The Emergency Medicine Research Laboratory conducts translational research focused primarily on pulmonary embolism. There is cooperation and synergy created from the interaction between clinical and basic science studies. Specialized analyses are conducted on patient samples. Animal models provide evidence for new diagnostic markers, mechanisms of disease progression and novel treatments. These types of information are then used to generate hypotheses for clinical studies or devices for diagnosis. Recent animal studies focus upon the hypothesis that inflammation results in a biphasic response, contributing to both right ventricle damage and healing from pulmonary embolism. Right ventricular damage is associated with a dramatic increase in mortality and morbidity in patients with pulmonary embolism. We hope to provide protection of the heart during the pulmonary embolism to enhance the subsequent quality of life in these patients. Additional animal studies focus upon the hypothesis that pulmonary arterial endothelial dysfunction contributes to limited blood flow through the lungs during pulmonary embolism. We hope to enhance blood flow and gas exchange by protecting endothelial function during pulmonary embolism.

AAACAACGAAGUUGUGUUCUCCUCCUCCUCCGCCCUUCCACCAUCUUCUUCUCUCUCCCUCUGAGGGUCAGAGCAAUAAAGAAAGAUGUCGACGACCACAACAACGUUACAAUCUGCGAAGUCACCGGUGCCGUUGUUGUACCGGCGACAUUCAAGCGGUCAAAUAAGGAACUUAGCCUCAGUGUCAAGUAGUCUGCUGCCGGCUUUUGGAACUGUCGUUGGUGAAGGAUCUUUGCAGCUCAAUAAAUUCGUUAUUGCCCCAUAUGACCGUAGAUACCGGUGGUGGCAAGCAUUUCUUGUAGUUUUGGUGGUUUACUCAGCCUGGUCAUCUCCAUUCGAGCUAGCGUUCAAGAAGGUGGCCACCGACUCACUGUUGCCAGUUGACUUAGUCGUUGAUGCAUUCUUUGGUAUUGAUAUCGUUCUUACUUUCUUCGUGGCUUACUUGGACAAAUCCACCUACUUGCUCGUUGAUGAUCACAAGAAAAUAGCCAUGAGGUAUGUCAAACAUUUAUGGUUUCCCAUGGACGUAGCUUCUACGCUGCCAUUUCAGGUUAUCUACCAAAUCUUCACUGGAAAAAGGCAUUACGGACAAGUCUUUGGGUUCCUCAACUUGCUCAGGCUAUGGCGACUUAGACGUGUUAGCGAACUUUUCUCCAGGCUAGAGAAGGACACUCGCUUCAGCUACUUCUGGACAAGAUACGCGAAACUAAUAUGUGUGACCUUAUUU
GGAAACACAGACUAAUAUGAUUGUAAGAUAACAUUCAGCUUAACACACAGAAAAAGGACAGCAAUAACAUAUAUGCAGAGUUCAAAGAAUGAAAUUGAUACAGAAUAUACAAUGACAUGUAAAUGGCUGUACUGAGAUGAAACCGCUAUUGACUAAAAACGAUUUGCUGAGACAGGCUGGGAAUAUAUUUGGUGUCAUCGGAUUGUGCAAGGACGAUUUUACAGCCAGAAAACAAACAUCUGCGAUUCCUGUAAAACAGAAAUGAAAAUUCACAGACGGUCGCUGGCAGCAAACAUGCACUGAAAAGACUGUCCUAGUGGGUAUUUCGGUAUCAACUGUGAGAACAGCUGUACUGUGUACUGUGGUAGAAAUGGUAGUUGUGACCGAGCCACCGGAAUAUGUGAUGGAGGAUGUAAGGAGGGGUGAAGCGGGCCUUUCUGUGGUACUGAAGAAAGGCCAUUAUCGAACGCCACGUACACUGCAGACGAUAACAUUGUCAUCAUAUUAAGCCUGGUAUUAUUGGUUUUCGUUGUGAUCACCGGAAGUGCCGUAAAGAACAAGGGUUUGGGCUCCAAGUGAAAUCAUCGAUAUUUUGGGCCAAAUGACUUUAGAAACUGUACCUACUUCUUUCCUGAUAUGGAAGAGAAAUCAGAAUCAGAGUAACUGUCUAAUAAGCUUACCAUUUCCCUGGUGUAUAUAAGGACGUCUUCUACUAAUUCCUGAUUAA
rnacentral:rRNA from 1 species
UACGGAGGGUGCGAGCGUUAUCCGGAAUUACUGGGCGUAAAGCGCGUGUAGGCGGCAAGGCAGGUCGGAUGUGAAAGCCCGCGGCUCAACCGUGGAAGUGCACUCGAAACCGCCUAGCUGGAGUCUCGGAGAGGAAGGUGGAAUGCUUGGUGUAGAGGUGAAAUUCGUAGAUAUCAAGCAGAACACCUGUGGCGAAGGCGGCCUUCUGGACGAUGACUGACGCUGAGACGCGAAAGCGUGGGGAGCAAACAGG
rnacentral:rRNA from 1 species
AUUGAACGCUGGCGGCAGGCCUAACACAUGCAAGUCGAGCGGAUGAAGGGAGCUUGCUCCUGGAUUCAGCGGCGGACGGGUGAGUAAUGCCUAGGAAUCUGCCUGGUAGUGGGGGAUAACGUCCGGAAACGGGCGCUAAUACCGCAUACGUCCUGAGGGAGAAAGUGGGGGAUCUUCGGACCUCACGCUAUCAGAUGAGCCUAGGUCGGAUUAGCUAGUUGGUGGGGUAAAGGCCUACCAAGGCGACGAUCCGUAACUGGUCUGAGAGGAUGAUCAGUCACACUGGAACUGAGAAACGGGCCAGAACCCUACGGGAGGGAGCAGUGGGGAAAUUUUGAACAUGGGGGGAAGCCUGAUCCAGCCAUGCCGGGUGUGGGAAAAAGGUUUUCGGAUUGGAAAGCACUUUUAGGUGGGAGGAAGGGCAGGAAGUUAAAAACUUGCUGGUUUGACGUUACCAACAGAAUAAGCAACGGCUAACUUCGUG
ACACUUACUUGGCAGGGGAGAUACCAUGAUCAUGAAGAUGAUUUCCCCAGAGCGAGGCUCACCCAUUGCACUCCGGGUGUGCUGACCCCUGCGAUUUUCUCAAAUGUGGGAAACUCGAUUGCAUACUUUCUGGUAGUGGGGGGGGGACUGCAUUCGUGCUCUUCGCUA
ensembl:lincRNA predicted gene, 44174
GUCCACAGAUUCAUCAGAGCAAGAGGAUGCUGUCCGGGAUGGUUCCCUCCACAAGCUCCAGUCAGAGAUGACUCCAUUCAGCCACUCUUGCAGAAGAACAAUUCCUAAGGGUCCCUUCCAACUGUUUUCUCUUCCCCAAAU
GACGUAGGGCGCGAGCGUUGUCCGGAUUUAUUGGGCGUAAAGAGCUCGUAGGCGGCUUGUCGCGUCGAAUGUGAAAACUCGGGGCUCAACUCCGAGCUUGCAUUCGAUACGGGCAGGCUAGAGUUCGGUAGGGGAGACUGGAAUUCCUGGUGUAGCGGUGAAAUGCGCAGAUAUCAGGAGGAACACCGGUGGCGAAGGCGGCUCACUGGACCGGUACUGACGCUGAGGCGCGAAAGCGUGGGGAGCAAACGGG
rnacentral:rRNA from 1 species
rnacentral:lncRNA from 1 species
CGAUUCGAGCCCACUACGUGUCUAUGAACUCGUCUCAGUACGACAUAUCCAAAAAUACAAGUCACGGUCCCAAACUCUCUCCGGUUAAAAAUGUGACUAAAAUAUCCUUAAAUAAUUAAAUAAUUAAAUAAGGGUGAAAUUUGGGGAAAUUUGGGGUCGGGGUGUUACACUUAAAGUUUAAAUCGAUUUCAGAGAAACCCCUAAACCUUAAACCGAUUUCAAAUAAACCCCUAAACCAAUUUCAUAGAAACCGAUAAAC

Mission Statement: To research the mechanisms and treatment of acute, life-threatening diseases and injury.
Jeffrey A. Kline, MD, Director of Emergency Medicine Research
John A. Watts, PhD, Director of Emergency Medicine Preclinical Research
Michael A. Puskarich, MD, Research Fellow
Michael A. Gellar, BS, Senior Research Technician
Mary-Beth Fulkerson, MS, Research Technician II
Contact Information: Jeffrey A. Kline, MD; John A. Watts, PhD